I: It’s interesting when you said, you know, you (maked?) it back then, you went to different countries and stuff like that--

S: Mm-hmm.

I: --you know? But you said a word: ‘money’. Can you tell us, like, back then, what was it like, you know, the economy for black folks back then? Can you tell more about that?

S: That’s a great question. I remember because we lived in government housing, my mom paid, like, sixty dollars a month. Not that that’s not happening today, I met someone the other day at the park that pays eight dollars a month and they’re actually late all the time. But needless to say, you know, obviously the economy is a lot different today. I mean, you could buy a Snickers bar for ten cents or sodas were ten cents or twenty cents, I mean, everything in life just has evolved. However, you know, my mom never owned a car, she never really made enough money to get anything extra. She had four kids, there was no husband and times are not far-fetched from now where black men are just not staying with the females or females are not staying with the men, so that leaves black women to struggle to raise these kids to try to have their own lives, pay the bills. It’s not far-fetched economically from the past except just through times and things being much more expensive. I mean, poor people now are living in houses worth one hundred and fifty thousand dollars. You know, housing is so expensive to buy a home, where, you know, when I was a little kid, you’d get a home for thirty thousand dollars which was a lot of money back there. And when I’d left the University of Miami, I wrote a letter to a lawyer that was the lawyer for Mohammed Ali and Leon Spinks. I was a college student, I wanted to play the circuit and I wrote them a letter and I asked if they would sponsor me and I said it would probably cost about thirty thousand dollars which is like, you know, God has blessed me on so many levels to think that they would have called me back and said okay and they did. They called me back and they called my mom’s house and said they would sponsor me, that they wanted to see more African-Americans out there playing tennis. And when I was a pro, Venus and Serena were little kids and they used to come watch me play, they were five, six, seven, eight, nine. Their dad used to corner me by the locker room and ask me and several other pros- Chrissy Everett, Martina, Tracy Austin. They would just-- he would just corner us and ask us tons of questions about the strokes and how to hit the serve and how much did it cost and it was very expensive and how much were the lessons everyday and actually what would it take and obviously he stuck it out and the rest is history- those girls are worth over a hundred million dollars each, hitting a tennis ball. Who would have thought?

A: How do you feel that being one of the few black African-American tennis players and succeeding in such great heights and that allowed you to make-- allowed you to inspire other black African-Americans students who were raised with less-- lesser-- fewer opportunities than many white people, many white students?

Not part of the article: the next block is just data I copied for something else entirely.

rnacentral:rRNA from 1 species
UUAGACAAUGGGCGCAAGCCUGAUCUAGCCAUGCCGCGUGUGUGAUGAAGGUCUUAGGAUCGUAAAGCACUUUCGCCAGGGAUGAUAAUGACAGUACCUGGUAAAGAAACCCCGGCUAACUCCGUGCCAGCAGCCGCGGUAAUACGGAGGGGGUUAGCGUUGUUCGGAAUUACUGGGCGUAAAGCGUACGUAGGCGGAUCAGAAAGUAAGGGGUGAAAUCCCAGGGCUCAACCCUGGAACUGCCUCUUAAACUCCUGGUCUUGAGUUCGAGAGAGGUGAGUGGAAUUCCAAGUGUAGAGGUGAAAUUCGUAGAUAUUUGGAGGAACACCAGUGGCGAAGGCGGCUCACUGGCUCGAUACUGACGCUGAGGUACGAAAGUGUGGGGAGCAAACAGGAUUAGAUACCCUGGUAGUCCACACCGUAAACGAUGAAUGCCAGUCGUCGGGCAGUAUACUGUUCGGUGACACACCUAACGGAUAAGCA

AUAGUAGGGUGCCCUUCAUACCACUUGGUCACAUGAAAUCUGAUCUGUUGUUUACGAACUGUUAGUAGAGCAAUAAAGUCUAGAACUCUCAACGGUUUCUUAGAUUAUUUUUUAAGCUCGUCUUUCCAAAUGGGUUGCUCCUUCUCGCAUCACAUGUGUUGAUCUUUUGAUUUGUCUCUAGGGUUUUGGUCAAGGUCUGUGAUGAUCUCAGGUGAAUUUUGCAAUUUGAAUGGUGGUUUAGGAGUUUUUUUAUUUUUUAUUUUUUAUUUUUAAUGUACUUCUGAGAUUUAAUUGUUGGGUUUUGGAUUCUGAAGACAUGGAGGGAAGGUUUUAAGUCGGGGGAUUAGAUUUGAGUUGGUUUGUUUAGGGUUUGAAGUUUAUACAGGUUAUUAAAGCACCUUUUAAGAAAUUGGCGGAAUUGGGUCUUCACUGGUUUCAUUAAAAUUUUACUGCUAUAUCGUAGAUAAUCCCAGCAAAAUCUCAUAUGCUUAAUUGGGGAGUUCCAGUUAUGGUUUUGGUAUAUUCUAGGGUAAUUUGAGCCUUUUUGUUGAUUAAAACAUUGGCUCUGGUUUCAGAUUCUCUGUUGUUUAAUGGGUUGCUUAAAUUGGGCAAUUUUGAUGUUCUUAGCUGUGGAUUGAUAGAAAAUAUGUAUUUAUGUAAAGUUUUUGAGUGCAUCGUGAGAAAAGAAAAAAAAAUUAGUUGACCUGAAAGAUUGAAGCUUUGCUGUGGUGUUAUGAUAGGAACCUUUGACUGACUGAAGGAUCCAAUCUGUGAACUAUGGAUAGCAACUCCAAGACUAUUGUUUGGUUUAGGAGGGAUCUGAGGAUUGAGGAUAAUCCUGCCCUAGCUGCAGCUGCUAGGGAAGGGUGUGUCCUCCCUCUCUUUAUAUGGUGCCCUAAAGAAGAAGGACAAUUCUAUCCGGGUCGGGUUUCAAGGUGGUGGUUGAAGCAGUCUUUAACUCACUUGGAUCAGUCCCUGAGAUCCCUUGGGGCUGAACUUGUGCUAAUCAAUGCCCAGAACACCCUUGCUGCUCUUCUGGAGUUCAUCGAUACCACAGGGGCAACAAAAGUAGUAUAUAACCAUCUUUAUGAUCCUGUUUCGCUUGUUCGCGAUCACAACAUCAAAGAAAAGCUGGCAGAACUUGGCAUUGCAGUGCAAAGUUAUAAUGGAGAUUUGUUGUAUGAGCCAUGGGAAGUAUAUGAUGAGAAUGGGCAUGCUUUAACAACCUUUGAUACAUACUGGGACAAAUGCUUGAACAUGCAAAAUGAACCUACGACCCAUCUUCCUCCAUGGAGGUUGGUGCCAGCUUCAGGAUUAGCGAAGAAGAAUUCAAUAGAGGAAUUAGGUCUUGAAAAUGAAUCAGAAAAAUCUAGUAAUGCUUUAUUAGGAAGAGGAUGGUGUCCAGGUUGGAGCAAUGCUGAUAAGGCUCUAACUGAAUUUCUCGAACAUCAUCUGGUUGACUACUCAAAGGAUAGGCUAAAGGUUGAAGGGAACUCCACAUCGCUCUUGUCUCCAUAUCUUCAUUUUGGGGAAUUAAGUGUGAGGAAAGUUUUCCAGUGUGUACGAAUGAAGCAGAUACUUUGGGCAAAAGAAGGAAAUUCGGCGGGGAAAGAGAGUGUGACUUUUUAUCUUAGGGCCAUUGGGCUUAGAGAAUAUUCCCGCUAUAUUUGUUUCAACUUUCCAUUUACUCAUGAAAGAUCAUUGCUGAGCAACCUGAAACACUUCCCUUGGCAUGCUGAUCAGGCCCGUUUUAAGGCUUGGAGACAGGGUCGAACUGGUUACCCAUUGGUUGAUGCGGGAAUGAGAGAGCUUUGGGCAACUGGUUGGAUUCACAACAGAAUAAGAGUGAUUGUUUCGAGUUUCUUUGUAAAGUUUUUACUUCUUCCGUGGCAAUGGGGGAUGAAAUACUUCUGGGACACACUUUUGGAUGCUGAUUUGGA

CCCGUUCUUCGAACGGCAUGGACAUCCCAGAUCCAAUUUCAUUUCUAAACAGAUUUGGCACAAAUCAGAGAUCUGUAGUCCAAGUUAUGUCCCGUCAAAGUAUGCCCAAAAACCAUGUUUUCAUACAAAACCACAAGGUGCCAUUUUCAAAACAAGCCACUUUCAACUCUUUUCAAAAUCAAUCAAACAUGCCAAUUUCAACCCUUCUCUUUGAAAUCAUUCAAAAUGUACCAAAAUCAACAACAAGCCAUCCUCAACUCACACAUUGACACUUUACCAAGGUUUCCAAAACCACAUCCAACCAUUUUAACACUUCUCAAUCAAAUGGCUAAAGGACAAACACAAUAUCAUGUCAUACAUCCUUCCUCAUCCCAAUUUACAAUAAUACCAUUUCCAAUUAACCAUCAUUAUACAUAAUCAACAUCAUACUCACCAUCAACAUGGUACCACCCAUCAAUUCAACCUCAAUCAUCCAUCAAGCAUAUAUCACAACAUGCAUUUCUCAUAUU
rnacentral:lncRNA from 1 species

S: Well, like I said, you know, Venus and Serena were little kids running through the L.A. Forum. The L.A. Forum is the same place where the Virginia Slims would have the tennis tournament for women, which is the place where Kobe Bryant and the L.A. Lakers play the basketball games. They would just put a net down on the court, put a carpet down and I vividly remember those girls running through the bleachers and the umpire would say, “Can somebody stop those kids from running through?” [laughs] But by being out there, there is no greater lesson or teacher than to have somebody that looks like you who’s a success. So, in order to achieve, it’s not mandatory, but it helps to see somebody who’s a scientist who’s black to know that blacks have invented the computers, have been a part of the computer age. To know that’s we’ve-- that we as a race of people have been a part of, you know, the blood transfusion- Charles Drew, to know that we have done so many things in Congress like Carrie Meek, to know that we are astronauts, you know, to know that’s we’re at Stanford University, that we’re at Harvard, it matters. To hear us and to see us, it matters, and that’s my humble opinion. I mean, it matters to see all races do their thing, but when we don’t see people that look like us, achieving, doing great things, doing wonderful things in plumbing and science, in culinary, it matters.

I: Let me go back. You said something about ladies living without her husband. So you’re saying you didn’t live with your father?

S: That’s correct.

I: So what was it like, you know, living without a father and being segregated--segregation back then and not living with your father? What was it like?

S: It’s no different than today, not having your daddy, except that times were so hard back in the ‘60s and ‘50s, particularly for black men and it’s really-- that’s such a great question and I really don’t know the answer except that I wish I had-- I wish my dad had had a lot more confidence in life where he didn’t feel the need to leave and do the Chicken George type of thing from Roots where people separated us. They separated us and people don’t realize that it is very difficult (generationally?) to forget how people did that. They sold us, they put children in different families, they put moms and fathers, and the ghost of the past sometimes still lingers. And I really did believe that and I think my daddy has a very-- I think he’s remorse about the road that he took, the path, but the path that so many of our ancestors have taken over three, 400 years, it’s frightful and it hurts and it’s not over yet. And it’s not necessary so the other races haven’t had crazy journeys like the Holocaust, you know, like in Biblical Times when people were slaves, you know, it hurts and I don’t think the ghosts of the past really leaves until people start really learning about each other through education and listening and being truthful, being truthful about times that nobody talks about and before Egypt-- before Egypt was Egypt, you know, the Greeks named Egypt, not the Africans. It’s northern Africa, there were races of people in Africa that we probably have never even heard of called, like, the (Khoisan or Phoenician?), the Nubians, these were successful people that we don’t know nothing about and we go to school, we go to educational schools for years and never have heard of the (Khoisan or Phoenician?). It’s virtually impossible for anybody, really, to really join forces as a human race if we really don’t dis-- just share, share the truths. The truths are so important.